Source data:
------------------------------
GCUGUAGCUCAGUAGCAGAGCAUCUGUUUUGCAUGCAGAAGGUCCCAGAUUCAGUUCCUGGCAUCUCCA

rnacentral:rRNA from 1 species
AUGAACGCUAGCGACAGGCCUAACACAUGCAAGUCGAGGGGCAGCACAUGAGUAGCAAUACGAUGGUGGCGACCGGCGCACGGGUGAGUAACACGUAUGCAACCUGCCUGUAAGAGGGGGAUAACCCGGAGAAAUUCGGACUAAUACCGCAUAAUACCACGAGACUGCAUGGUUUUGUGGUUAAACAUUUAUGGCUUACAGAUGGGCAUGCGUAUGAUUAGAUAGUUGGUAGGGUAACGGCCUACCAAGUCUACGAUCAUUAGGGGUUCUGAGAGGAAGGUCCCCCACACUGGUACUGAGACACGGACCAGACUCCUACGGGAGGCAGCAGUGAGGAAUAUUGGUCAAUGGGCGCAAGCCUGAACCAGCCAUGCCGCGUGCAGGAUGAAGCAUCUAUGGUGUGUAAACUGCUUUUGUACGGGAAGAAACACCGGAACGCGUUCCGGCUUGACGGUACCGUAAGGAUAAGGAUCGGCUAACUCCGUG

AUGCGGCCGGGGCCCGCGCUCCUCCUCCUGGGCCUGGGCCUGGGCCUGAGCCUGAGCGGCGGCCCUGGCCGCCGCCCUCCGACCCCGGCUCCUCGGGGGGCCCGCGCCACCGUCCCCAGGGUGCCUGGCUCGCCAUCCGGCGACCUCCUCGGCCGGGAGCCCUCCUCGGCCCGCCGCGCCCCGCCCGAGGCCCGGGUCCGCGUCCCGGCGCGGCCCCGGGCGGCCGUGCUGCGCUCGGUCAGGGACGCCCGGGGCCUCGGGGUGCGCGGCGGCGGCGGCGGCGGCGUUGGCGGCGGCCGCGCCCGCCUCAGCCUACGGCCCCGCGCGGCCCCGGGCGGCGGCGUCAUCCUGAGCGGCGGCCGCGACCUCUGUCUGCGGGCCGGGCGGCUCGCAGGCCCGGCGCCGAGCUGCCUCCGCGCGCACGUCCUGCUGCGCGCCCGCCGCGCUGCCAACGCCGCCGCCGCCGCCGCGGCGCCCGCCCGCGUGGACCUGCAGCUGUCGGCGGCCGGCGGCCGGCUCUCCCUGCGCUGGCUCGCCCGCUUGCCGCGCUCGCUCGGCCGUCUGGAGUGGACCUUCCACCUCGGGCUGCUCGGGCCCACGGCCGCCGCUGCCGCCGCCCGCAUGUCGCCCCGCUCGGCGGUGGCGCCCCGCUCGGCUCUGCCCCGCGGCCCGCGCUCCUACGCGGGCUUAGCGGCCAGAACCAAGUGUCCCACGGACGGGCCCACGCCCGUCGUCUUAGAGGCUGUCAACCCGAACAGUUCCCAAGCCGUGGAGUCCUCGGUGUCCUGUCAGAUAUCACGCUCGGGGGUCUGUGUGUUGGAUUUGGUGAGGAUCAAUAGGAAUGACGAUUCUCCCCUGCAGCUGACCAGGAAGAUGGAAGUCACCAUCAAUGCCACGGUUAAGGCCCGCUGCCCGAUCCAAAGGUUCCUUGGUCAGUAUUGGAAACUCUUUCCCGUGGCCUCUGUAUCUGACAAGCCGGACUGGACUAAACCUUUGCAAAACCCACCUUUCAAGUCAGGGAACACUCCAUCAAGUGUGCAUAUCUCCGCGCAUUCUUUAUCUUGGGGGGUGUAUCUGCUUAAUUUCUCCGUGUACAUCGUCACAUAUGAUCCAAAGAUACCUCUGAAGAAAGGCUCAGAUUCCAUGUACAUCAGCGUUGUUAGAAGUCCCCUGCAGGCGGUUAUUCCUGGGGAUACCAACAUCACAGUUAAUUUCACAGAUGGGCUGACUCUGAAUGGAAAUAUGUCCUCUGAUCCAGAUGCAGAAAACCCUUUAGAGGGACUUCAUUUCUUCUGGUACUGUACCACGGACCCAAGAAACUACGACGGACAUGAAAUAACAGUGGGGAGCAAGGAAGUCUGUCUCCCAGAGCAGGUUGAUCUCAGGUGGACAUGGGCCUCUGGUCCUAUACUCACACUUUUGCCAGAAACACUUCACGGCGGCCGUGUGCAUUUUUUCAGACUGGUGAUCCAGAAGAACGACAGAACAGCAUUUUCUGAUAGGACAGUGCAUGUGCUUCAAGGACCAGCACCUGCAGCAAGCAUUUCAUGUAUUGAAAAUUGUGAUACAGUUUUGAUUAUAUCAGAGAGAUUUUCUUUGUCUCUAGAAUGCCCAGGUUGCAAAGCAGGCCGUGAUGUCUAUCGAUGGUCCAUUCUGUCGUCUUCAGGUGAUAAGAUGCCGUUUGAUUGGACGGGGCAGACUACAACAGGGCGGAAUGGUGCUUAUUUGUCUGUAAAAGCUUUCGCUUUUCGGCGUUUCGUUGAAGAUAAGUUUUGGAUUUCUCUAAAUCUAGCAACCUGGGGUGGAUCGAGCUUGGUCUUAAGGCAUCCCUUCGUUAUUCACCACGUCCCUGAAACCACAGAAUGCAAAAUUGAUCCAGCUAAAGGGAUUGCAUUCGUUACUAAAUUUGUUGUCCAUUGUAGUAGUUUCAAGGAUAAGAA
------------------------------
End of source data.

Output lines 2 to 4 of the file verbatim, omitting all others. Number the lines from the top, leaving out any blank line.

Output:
rnacentral:rRNA from 1 species
AUGAACGCUAGCGACAGGCCUAACACAUGCAAGUCGAGGGGCAGCACAUGAGUAGCAAUACGAUGGUGGCGACCGGCGCACGGGUGAGUAACACGUAUGCAACCUGCCUGUAAGAGGGGGAUAACCCGGAGAAAUUCGGACUAAUACCGCAUAAUACCACGAGACUGCAUGGUUUUGUGGUUAAACAUUUAUGGCUUACAGAUGGGCAUGCGUAUGAUUAGAUAGUUGGUAGGGUAACGGCCUACCAAGUCUACGAUCAUUAGGGGUUCUGAGAGGAAGGUCCCCCACACUGGUACUGAGACACGGACCAGACUCCUACGGGAGGCAGCAGUGAGGAAUAUUGGUCAAUGGGCGCAAGCCUGAACCAGCCAUGCCGCGUGCAGGAUGAAGCAUCUAUGGUGUGUAAACUGCUUUUGUACGGGAAGAAACACCGGAACGCGUUCCGGCUUGACGGUACCGUAAGGAUAAGGAUCGGCUAACUCCGUG

AUGCGGCCGGGGCCCGCGCUCCUCCUCCUGGGCCUGGGCCUGGGCCUGAGCCUGAGCGGCGGCCCUGGCCGCCGCCCUCCGACCCCGGCUCCUCGGGGGGCCCGCGCCACCGUCCCCAGGGUGCCUGGCUCGCCAUCCGGCGACCUCCUCGGCCGGGAGCCCUCCUCGGCCCGCCGCGCCCCGCCCGAGGCCCGGGUCCGCGUCCCGGCGCGGCCCCGGGCGGCCGUGCUGCGCUCGGUCAGGGACGCCCGGGGCCUCGGGGUGCGCGGCGGCGGCGGCGGCGGCGUUGGCGGCGGCCGCGCCCGCCUCAGCCUACGGCCCCGCGCGGCCCCGGGCGGCGGCGUCAUCCUGAGCGGCGGCCGCGACCUCUGUCUGCGGGCCGGGCGGCUCGCAGGCCCGGCGCCGAGCUGCCUCCGCGCGCACGUCCUGCUGCGCGCCCGCCGCGCUGCCAACGCCGCCGCCGCCGCCGCGGCGCCCGCCCGCGUGGACCUGCAGCUGUCGGCGGCCGGCGGCCGGCUCUCCCUGCGCUGGCUCGCCCGCUUGCCGCGCUCGCUCGGCCGUCUGGAGUGGACCUUCCACCUCGGGCUGCUCGGGCCCACGGCCGCCGCUGCCGCCGCCCGCAUGUCGCCCCGCUCGGCGGUGGCGCCCCGCUCGGCUCUGCCCCGCGGCCCGCGCUCCUACGCGGGCUUAGCGGCCAGAACCAAGUGUCCCACGGACGGGCCCACGCCCGUCGUCUUAGAGGCUGUCAACCCGAACAGUUCCCAAGCCGUGGAGUCCUCGGUGUCCUGUCAGAUAUCACGCUCGGGGGUCUGUGUGUUGGAUUUGGUGAGGAUCAAUAGGAAUGACGAUUCUCCCCUGCAGCUGACCAGGAAGAUGGAAGUCACCAUCAAUGCCACGGUUAAGGCCCGCUGCCCGAUCCAAAGGUUCCUUGGUCAGUAUUGGAAACUCUUUCCCGUGGCCUCUGUAUCUGACAAGCCGGACUGGACUAAACCUUUGCAAAACCCACCUUUCAAGUCAGGGAACACUCCAUCAAGUGUGCAUAUCUCCGCGCAUUCUUUAUCUUGGGGGGUGUAUCUGCUUAAUUUCUCCGUGUACAUCGUCACAUAUGAUCCAAAGAUACCUCUGAAGAAAGGCUCAGAUUCCAUGUACAUCAGCGUUGUUAGAAGUCCCCUGCAGGCGGUUAUUCCUGGGGAUACCAACAUCACAGUUAAUUUCACAGAUGGGCUGACUCUGAAUGGAAAUAUGUCCUCUGAUCCAGAUGCAGAAAACCCUUUAGAGGGACUUCAUUUCUUCUGGUACUGUACCACGGACCCAAGAAACUACGACGGACAUGAAAUAACAGUGGGGAGCAAGGAAGUCUGUCUCCCAGAGCAGGUUGAUCUCAGGUGGACAUGGGCCUCUGGUCCUAUACUCACACUUUUGCCAGAAACACUUCACGGCGGCCGUGUGCAUUUUUUCAGACUGGUGAUCCAGAAGAACGACAGAACAGCAUUUUCUGAUAGGACAGUGCAUGUGCUUCAAGGACCAGCACCUGCAGCAAGCAUUUCAUGUAUUGAAAAUUGUGAUACAGUUUUGAUUAUAUCAGAGAGAUUUUCUUUGUCUCUAGAAUGCCCAGGUUGCAAAGCAGGCCGUGAUGUCUAUCGAUGGUCCAUUCUGUCGUCUUCAGGUGAUAAGAUGCCGUUUGAUUGGACGGGGCAGACUACAACAGGGCGGAAUGGUGCUUAUUUGUCUGUAAAAGCUUUCGCUUUUCGGCGUUUCGUUGAAGAUAAGUUUUGGAUUUCUCUAAAUCUAGCAACCUGGGGUGGAUCGAGCUUGGUCUUAAGGCAUCCCUUCGUUAUUCACCACGUCCCUGAAACCACAGAAUGCAAAAUUGAUCCAGCUAAAGGGAUUGCAUUCGUUACUAAAUUUGUUGUCCAUUGUAGUAGUUUCAAGGAUAAGAA